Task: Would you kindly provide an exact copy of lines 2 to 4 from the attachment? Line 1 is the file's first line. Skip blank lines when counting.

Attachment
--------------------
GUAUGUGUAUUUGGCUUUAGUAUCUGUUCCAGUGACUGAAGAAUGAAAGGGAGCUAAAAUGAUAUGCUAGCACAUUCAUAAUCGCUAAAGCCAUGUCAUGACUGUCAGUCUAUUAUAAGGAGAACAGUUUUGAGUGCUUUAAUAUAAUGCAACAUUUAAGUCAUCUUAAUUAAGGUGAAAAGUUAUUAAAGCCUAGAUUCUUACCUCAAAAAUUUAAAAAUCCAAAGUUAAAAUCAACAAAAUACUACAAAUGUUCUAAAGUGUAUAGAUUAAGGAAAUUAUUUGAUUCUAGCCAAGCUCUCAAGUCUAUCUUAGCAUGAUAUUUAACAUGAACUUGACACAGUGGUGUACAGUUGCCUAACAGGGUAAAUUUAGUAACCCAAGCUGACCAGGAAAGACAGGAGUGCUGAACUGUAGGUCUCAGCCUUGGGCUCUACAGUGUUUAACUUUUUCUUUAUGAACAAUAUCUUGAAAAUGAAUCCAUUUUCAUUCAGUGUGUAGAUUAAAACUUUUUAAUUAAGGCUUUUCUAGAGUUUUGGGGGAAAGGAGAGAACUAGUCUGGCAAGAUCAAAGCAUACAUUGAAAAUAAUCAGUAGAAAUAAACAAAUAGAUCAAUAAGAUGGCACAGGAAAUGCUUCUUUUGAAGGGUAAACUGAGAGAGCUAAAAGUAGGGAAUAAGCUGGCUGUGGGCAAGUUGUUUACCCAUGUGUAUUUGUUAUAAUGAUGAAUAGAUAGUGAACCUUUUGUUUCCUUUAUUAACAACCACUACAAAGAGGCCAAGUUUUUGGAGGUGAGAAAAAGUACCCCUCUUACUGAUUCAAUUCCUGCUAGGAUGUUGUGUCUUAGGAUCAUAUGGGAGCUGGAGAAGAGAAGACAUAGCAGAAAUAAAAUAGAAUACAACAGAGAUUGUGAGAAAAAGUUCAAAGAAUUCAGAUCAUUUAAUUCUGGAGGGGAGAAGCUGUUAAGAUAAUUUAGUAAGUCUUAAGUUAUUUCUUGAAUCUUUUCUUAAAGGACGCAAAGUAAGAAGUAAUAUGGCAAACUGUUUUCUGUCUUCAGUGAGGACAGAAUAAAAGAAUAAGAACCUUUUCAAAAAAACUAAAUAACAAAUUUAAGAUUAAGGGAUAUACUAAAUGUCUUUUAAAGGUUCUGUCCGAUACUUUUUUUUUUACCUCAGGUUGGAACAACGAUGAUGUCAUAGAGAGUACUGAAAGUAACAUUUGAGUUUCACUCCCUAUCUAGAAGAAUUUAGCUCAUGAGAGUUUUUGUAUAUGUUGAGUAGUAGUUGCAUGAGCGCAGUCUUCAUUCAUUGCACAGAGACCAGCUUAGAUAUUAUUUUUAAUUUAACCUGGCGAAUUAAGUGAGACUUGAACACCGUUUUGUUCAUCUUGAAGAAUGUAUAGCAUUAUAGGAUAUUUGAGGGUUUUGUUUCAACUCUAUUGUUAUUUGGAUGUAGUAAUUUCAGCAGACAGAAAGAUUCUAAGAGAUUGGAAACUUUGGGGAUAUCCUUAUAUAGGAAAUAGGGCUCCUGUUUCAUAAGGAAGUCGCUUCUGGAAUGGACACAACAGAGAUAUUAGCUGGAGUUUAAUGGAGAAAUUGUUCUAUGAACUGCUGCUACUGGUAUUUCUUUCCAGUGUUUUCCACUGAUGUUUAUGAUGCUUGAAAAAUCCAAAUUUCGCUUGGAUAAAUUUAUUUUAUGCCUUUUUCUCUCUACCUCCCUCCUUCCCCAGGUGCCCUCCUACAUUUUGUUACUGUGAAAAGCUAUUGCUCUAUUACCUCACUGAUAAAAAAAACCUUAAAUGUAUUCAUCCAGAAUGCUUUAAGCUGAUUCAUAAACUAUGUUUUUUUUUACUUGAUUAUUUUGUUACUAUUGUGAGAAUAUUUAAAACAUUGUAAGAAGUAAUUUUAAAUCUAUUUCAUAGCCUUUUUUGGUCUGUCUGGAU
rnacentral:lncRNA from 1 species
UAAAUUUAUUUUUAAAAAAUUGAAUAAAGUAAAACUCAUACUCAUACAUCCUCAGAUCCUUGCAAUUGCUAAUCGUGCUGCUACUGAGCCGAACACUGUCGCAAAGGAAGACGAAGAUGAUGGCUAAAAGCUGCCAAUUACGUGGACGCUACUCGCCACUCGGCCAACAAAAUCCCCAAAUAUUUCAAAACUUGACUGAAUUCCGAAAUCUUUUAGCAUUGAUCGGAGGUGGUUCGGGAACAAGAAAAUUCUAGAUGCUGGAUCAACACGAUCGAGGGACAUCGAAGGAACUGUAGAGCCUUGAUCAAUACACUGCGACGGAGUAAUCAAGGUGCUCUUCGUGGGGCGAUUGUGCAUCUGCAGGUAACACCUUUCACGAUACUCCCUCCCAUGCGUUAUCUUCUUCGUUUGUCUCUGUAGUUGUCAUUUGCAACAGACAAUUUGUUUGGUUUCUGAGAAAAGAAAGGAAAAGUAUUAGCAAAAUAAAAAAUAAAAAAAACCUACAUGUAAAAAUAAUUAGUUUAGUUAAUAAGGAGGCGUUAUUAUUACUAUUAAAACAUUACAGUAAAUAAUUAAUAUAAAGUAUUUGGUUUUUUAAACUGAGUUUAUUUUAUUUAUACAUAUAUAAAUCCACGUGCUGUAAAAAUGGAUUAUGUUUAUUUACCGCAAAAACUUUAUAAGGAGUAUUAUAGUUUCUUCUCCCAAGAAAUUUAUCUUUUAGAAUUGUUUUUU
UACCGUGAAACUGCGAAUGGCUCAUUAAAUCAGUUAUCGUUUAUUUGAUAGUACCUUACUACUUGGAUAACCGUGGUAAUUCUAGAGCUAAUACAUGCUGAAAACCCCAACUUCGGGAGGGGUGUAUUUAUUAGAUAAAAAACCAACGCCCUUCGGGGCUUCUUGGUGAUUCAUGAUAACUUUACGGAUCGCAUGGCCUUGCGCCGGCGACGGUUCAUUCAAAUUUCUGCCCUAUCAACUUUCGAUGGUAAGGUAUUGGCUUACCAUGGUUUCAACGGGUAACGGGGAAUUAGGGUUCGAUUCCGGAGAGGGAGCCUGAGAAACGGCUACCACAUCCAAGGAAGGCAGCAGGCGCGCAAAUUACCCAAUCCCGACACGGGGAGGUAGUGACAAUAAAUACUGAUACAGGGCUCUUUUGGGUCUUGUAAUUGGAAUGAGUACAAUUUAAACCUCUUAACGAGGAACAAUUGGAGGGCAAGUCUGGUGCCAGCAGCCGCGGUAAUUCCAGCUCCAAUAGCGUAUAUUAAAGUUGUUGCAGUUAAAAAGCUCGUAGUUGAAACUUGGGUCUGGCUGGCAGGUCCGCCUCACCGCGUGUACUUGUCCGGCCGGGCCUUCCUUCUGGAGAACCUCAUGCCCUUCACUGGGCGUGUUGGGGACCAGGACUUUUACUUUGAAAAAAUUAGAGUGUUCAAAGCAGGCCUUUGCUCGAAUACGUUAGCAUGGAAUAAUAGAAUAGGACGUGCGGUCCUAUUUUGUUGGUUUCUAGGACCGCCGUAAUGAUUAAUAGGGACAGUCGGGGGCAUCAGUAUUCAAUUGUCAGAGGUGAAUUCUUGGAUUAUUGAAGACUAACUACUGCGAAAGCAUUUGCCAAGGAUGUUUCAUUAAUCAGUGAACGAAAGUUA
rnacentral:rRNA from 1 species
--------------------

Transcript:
rnacentral:lncRNA from 1 species
UAAAUUUAUUUUUAAAAAAUUGAAUAAAGUAAAACUCAUACUCAUACAUCCUCAGAUCCUUGCAAUUGCUAAUCGUGCUGCUACUGAGCCGAACACUGUCGCAAAGGAAGACGAAGAUGAUGGCUAAAAGCUGCCAAUUACGUGGACGCUACUCGCCACUCGGCCAACAAAAUCCCCAAAUAUUUCAAAACUUGACUGAAUUCCGAAAUCUUUUAGCAUUGAUCGGAGGUGGUUCGGGAACAAGAAAAUUCUAGAUGCUGGAUCAACACGAUCGAGGGACAUCGAAGGAACUGUAGAGCCUUGAUCAAUACACUGCGACGGAGUAAUCAAGGUGCUCUUCGUGGGGCGAUUGUGCAUCUGCAGGUAACACCUUUCACGAUACUCCCUCCCAUGCGUUAUCUUCUUCGUUUGUCUCUGUAGUUGUCAUUUGCAACAGACAAUUUGUUUGGUUUCUGAGAAAAGAAAGGAAAAGUAUUAGCAAAAUAAAAAAUAAAAAAAACCUACAUGUAAAAAUAAUUAGUUUAGUUAAUAAGGAGGCGUUAUUAUUACUAUUAAAACAUUACAGUAAAUAAUUAAUAUAAAGUAUUUGGUUUUUUAAACUGAGUUUAUUUUAUUUAUACAUAUAUAAAUCCACGUGCUGUAAAAAUGGAUUAUGUUUAUUUACCGCAAAAACUUUAUAAGGAGUAUUAUAGUUUCUUCUCCCAAGAAAUUUAUCUUUUAGAAUUGUUUUUU
UACCGUGAAACUGCGAAUGGCUCAUUAAAUCAGUUAUCGUUUAUUUGAUAGUACCUUACUACUUGGAUAACCGUGGUAAUUCUAGAGCUAAUACAUGCUGAAAACCCCAACUUCGGGAGGGGUGUAUUUAUUAGAUAAAAAACCAACGCCCUUCGGGGCUUCUUGGUGAUUCAUGAUAACUUUACGGAUCGCAUGGCCUUGCGCCGGCGACGGUUCAUUCAAAUUUCUGCCCUAUCAACUUUCGAUGGUAAGGUAUUGGCUUACCAUGGUUUCAACGGGUAACGGGGAAUUAGGGUUCGAUUCCGGAGAGGGAGCCUGAGAAACGGCUACCACAUCCAAGGAAGGCAGCAGGCGCGCAAAUUACCCAAUCCCGACACGGGGAGGUAGUGACAAUAAAUACUGAUACAGGGCUCUUUUGGGUCUUGUAAUUGGAAUGAGUACAAUUUAAACCUCUUAACGAGGAACAAUUGGAGGGCAAGUCUGGUGCCAGCAGCCGCGGUAAUUCCAGCUCCAAUAGCGUAUAUUAAAGUUGUUGCAGUUAAAAAGCUCGUAGUUGAAACUUGGGUCUGGCUGGCAGGUCCGCCUCACCGCGUGUACUUGUCCGGCCGGGCCUUCCUUCUGGAGAACCUCAUGCCCUUCACUGGGCGUGUUGGGGACCAGGACUUUUACUUUGAAAAAAUUAGAGUGUUCAAAGCAGGCCUUUGCUCGAAUACGUUAGCAUGGAAUAAUAGAAUAGGACGUGCGGUCCUAUUUUGUUGGUUUCUAGGACCGCCGUAAUGAUUAAUAGGGACAGUCGGGGGCAUCAGUAUUCAAUUGUCAGAGGUGAAUUCUUGGAUUAUUGAAGACUAACUACUGCGAAAGCAUUUGCCAAGGAUGUUUCAUUAAUCAGUGAACGAAAGUUA